A white trapper steals a white mustang called "Eagle Wing" from a Kiowa Indian, who pursues him to get his horse back.A white trapper steals a white mustang called "Eagle Wing" from a Kiowa Indian, who pursues him to get his horse back.A white trapper steals a white mustang called "Eagle Wing" from a Kiowa Indian, who pursues him to get his horse back.
Director Harvey uses the title horse as a focus for interconnecting stories, all dealing with the traditional Western clash of the primitive and civilisation. The former seems to have the upper hand. The vast scrub and desert of the film's landscape is unbroken, ripe for allegories of the mind. The only brief sites of civilisation are a stagecoach of missionaries and landowners, and their hacienda, from both of which derive behaviour that is anything but civilised.
The basic story intercuts three stories. In one, an aimless deserter, Pike, having lost his trading partner, steals a miraculous horse, Eagle's Wing, so-called because of its grace and speed. In the second, an Indian, White Bull, owner of this horse, waylays a stagecoach, and kidnaps one of its female occupants. In the third, the Spanish men sent to find her ignore this quest in favour of a murderous, plundering spree.
Although a revisionist Western, the treatment of the Indian is problematic. Unlike Pike, his character is never explained, forever inscrutable, denied a voice, except for an excruciating snatch of song. When he's not a strange Other, he's a symbol, whose role isn't entirely worked out - at one point a savage brute, at another he epitomises nature and freedom.
But Pike notes at the beginning that the film will attend to the period of primitivism before civilisation. In many ways the film resembles 2001 - A SPACE ODYSSEY, especially its opening sequence. Part of the film's power lies in the connections made between the three disparate characters, forcing us to view the mythic struggles and quests in a different light. Indian culture and Catholicism is linked by superstition, ritual, greed and murder. Both Pike and White Bull are musical and alcoholic. White Bull is demonised by both Pike and the abductee as a 'bastard', unwittingly revealing the tactic of illegitimacy used by colonising whites who infantilised the natives, becoming themselves 'necessary' fathers.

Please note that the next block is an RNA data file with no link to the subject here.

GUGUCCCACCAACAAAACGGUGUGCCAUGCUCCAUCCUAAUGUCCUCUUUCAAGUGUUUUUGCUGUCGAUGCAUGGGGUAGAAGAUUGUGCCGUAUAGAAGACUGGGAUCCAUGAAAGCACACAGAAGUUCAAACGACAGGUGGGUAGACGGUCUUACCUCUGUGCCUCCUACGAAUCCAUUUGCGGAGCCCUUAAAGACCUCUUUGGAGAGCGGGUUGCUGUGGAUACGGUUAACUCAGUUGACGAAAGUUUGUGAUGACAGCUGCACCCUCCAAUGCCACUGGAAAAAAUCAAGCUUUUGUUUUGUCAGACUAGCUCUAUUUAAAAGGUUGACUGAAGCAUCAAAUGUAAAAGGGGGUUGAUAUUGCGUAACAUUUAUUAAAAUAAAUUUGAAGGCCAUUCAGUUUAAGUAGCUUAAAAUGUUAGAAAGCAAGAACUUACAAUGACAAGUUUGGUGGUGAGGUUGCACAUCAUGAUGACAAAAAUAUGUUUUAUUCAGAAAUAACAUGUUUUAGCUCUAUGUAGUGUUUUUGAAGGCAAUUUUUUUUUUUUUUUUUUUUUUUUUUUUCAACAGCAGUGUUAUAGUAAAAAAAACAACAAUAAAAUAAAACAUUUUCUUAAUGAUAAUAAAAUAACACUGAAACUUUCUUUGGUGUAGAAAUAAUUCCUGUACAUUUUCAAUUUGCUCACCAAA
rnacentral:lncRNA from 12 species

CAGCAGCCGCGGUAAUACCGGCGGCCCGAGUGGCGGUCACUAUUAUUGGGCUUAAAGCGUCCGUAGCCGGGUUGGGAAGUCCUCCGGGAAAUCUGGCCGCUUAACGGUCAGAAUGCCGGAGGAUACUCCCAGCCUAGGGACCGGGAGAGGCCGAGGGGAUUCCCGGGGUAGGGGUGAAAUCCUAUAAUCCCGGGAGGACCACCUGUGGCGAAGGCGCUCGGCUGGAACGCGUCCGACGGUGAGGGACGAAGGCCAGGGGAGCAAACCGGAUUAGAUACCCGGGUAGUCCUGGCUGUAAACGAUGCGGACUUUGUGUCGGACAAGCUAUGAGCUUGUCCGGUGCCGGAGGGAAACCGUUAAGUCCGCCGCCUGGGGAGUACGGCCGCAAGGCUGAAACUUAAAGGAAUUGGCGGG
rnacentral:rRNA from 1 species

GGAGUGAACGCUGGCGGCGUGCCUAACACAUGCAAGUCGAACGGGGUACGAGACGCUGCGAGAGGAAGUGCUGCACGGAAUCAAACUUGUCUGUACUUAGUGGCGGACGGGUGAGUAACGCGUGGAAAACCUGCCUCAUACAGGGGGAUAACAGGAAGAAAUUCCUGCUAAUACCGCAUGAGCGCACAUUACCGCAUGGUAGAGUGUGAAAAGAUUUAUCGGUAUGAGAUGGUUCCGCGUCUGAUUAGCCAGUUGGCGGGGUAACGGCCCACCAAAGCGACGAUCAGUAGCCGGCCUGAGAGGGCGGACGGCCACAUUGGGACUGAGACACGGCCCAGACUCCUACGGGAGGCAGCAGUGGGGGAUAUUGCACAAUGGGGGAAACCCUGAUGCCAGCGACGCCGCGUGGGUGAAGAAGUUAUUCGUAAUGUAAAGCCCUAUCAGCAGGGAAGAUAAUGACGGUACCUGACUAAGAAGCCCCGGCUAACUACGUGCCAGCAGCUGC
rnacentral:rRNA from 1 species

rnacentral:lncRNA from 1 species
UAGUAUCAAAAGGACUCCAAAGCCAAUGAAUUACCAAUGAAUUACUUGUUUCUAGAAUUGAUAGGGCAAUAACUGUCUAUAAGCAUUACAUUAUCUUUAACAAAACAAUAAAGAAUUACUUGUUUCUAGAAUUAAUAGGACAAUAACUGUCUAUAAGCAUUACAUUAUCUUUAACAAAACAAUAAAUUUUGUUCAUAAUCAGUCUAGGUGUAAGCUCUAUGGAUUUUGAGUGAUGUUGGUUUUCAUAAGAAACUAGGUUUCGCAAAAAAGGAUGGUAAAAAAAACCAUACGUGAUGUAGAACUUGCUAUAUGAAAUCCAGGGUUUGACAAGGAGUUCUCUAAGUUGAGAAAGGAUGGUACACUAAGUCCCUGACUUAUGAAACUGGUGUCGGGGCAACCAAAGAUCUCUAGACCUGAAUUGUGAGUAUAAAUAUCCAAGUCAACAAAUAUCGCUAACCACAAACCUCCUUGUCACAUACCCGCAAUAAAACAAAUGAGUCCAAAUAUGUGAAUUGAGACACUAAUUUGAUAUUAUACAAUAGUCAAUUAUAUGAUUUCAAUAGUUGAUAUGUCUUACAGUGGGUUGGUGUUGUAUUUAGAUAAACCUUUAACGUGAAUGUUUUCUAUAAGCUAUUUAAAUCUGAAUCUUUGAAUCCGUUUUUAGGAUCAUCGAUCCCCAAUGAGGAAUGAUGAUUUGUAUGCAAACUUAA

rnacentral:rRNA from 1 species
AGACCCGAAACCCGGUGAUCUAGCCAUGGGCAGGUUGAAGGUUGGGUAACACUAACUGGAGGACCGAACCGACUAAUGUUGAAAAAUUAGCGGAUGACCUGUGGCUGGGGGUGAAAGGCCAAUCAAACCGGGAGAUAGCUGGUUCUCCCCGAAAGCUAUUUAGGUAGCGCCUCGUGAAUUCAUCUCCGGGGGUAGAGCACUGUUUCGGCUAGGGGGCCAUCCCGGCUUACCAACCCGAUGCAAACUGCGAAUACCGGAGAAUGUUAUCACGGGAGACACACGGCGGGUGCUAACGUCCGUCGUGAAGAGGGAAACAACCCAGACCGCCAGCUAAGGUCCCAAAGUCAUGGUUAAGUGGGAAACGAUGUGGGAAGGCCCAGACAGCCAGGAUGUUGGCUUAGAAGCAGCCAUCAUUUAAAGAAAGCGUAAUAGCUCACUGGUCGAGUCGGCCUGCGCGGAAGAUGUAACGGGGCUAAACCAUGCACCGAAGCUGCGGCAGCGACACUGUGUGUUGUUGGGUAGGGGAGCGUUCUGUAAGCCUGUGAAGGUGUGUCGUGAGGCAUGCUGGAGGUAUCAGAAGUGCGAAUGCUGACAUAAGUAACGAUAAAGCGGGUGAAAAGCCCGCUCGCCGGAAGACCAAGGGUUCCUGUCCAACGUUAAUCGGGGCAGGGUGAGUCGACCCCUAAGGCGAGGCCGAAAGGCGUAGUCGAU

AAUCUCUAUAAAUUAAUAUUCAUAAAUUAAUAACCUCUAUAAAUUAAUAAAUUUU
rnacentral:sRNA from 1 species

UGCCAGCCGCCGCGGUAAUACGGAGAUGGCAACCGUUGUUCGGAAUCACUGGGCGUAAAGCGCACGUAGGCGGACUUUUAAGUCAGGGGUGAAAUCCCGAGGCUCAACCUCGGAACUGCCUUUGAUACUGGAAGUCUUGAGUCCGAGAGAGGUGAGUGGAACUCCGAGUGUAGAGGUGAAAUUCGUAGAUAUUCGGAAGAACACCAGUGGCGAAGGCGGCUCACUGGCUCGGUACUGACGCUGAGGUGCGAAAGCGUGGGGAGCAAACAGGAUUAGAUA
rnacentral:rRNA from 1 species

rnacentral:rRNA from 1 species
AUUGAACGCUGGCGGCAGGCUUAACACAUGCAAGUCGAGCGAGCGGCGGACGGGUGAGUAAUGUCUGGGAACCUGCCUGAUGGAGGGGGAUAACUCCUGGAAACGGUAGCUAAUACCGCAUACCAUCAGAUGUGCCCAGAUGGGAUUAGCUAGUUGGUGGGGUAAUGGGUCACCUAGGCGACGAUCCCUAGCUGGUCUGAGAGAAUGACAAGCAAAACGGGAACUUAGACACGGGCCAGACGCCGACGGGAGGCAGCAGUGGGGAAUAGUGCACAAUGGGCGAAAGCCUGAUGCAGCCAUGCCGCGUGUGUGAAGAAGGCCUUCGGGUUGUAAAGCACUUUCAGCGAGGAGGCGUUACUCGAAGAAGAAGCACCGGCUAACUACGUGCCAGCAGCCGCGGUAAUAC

Unlike a traditional Western, concerned with making history, civilisation, and progress, this film is a double detective story, interrogating the past, tracks, remains.
What gives this film its remarkable uniqueness, I think, is, despite Maltin's racism, its Britishness. The climactic stand-off is more like an Arthurian joust. The film itself bravely eschews dialogue for the most part, creating the kind of visual and aural tapestry Malick missed in THE THIN RED LINE, and something few Hollywood directors would have dared. The existential doubling and quest motifs are more European myth than American (resembling another British Harvey Keitel movie, THE DUELLISTS).
Most astonishing is the use of nature. Most Westerns use landscape as an awe-inspiring backdrop: there is little sense of actually living in the West. In many ways, EAGLE'S WING is like a Powell and Pressberger film, with nature a powerful, pantheistic character in its own right - alive, dangerous, hostile, beautiful. There is a sublime scene reminiscent of A CANTERBURY TALE, when jewellery left as a trap by White Bull in the trees is suddenly blown in the wind: there is a haunting, tingling, magical, thrilling effect more reminiscent of the Arabian Nights than a horse opera. Heartstopping.
- alice liddell
- Sep 7, 1999